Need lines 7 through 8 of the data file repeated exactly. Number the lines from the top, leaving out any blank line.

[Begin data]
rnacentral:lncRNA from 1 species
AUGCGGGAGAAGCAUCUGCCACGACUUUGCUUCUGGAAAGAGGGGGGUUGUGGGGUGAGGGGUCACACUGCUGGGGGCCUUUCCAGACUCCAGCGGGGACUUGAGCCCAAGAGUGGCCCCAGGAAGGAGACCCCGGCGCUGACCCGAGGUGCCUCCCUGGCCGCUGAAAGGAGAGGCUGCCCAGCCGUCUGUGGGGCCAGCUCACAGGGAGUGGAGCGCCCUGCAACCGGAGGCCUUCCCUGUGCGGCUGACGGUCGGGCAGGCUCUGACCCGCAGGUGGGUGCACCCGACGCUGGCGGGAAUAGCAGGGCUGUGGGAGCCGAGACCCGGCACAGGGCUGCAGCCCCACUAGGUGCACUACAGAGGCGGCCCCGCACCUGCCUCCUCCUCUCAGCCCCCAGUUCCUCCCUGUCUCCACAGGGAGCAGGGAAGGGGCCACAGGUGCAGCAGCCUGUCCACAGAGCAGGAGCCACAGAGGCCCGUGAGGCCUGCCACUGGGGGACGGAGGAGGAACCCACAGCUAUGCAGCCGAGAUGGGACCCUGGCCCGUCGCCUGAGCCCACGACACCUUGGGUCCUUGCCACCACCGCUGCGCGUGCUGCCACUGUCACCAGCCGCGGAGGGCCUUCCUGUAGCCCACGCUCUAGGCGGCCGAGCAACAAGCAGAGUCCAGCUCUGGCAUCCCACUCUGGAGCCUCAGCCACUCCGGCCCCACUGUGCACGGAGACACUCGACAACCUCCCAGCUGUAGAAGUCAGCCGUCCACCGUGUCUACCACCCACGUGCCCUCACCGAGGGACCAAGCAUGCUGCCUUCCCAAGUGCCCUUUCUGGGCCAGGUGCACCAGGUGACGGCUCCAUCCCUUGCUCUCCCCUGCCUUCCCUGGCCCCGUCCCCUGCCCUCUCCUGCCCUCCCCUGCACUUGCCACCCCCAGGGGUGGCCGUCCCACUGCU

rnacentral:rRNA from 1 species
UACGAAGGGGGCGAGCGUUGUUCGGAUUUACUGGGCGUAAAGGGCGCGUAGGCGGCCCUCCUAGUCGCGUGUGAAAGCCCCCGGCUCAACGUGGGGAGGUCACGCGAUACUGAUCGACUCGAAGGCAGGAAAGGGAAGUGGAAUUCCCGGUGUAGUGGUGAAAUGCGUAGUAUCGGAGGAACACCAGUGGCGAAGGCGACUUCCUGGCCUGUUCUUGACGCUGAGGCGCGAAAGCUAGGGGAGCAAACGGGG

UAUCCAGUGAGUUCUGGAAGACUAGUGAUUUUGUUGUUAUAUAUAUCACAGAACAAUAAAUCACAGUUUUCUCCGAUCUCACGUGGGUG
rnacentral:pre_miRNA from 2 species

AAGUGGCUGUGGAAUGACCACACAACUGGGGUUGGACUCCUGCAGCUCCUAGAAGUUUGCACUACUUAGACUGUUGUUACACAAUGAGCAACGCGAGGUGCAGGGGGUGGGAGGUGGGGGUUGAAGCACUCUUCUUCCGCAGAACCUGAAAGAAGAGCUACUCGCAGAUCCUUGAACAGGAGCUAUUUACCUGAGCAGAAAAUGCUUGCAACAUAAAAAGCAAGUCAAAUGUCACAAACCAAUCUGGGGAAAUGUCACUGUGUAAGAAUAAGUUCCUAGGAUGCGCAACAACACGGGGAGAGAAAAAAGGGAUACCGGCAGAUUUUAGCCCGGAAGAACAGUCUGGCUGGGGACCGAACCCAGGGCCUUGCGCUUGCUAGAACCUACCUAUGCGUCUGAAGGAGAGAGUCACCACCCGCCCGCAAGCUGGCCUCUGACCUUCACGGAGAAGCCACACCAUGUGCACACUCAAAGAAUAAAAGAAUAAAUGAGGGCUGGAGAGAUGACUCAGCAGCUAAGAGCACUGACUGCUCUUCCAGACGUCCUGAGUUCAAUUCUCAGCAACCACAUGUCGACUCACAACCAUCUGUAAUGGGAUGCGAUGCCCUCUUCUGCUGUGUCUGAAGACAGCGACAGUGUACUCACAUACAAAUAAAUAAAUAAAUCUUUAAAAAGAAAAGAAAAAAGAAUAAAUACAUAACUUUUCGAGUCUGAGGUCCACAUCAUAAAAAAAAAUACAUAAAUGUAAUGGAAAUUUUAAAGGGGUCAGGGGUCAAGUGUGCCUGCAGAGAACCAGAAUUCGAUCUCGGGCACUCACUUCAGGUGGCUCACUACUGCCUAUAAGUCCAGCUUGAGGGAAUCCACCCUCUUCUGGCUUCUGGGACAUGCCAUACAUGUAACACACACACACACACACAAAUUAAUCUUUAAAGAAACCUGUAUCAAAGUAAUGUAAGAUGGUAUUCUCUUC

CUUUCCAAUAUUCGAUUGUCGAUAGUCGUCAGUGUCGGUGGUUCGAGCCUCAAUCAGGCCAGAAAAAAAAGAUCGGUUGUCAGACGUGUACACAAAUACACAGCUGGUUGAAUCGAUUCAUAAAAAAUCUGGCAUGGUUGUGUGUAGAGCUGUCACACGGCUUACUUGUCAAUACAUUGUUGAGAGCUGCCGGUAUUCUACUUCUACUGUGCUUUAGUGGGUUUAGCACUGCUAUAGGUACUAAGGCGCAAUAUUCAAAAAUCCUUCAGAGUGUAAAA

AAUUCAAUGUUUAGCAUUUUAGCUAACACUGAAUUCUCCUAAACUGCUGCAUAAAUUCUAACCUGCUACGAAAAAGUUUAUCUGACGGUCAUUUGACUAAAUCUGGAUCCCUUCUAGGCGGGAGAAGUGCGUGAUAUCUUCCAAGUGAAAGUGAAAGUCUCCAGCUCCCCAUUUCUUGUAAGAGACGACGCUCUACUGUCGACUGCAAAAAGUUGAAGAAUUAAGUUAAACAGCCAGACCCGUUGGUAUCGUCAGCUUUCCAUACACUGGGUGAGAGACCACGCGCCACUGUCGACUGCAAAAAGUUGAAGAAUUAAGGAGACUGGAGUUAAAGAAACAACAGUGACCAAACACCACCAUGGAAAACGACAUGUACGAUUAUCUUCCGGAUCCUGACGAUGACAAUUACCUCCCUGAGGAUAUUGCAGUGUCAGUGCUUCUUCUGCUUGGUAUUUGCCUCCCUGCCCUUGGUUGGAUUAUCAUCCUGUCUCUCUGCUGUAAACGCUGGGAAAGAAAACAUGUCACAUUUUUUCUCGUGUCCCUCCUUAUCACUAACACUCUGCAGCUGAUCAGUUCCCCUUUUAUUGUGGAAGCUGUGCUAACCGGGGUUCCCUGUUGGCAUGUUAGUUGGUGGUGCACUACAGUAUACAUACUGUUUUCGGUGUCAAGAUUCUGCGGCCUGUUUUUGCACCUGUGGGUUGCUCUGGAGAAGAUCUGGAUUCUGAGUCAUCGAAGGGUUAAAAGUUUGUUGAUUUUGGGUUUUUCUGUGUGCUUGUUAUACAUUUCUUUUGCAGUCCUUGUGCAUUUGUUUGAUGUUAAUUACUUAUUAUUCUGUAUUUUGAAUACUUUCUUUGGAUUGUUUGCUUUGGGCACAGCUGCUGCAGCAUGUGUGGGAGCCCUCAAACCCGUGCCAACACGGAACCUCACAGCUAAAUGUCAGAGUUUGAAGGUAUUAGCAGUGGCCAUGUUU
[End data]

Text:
AAGUGGCUGUGGAAUGACCACACAACUGGGGUUGGACUCCUGCAGCUCCUAGAAGUUUGCACUACUUAGACUGUUGUUACACAAUGAGCAACGCGAGGUGCAGGGGGUGGGAGGUGGGGGUUGAAGCACUCUUCUUCCGCAGAACCUGAAAGAAGAGCUACUCGCAGAUCCUUGAACAGGAGCUAUUUACCUGAGCAGAAAAUGCUUGCAACAUAAAAAGCAAGUCAAAUGUCACAAACCAAUCUGGGGAAAUGUCACUGUGUAAGAAUAAGUUCCUAGGAUGCGCAACAACACGGGGAGAGAAAAAAGGGAUACCGGCAGAUUUUAGCCCGGAAGAACAGUCUGGCUGGGGACCGAACCCAGGGCCUUGCGCUUGCUAGAACCUACCUAUGCGUCUGAAGGAGAGAGUCACCACCCGCCCGCAAGCUGGCCUCUGACCUUCACGGAGAAGCCACACCAUGUGCACACUCAAAGAAUAAAAGAAUAAAUGAGGGCUGGAGAGAUGACUCAGCAGCUAAGAGCACUGACUGCUCUUCCAGACGUCCUGAGUUCAAUUCUCAGCAACCACAUGUCGACUCACAACCAUCUGUAAUGGGAUGCGAUGCCCUCUUCUGCUGUGUCUGAAGACAGCGACAGUGUACUCACAUACAAAUAAAUAAAUAAAUCUUUAAAAAGAAAAGAAAAAAGAAUAAAUACAUAACUUUUCGAGUCUGAGGUCCACAUCAUAAAAAAAAAUACAUAAAUGUAAUGGAAAUUUUAAAGGGGUCAGGGGUCAAGUGUGCCUGCAGAGAACCAGAAUUCGAUCUCGGGCACUCACUUCAGGUGGCUCACUACUGCCUAUAAGUCCAGCUUGAGGGAAUCCACCCUCUUCUGGCUUCUGGGACAUGCCAUACAUGUAACACACACACACACACACAAAUUAAUCUUUAAAGAAACCUGUAUCAAAGUAAUGUAAGAUGGUAUUCUCUUC

CUUUCCAAUAUUCGAUUGUCGAUAGUCGUCAGUGUCGGUGGUUCGAGCCUCAAUCAGGCCAGAAAAAAAAGAUCGGUUGUCAGACGUGUACACAAAUACACAGCUGGUUGAAUCGAUUCAUAAAAAAUCUGGCAUGGUUGUGUGUAGAGCUGUCACACGGCUUACUUGUCAAUACAUUGUUGAGAGCUGCCGGUAUUCUACUUCUACUGUGCUUUAGUGGGUUUAGCACUGCUAUAGGUACUAAGGCGCAAUAUUCAAAAAUCCUUCAGAGUGUAAAA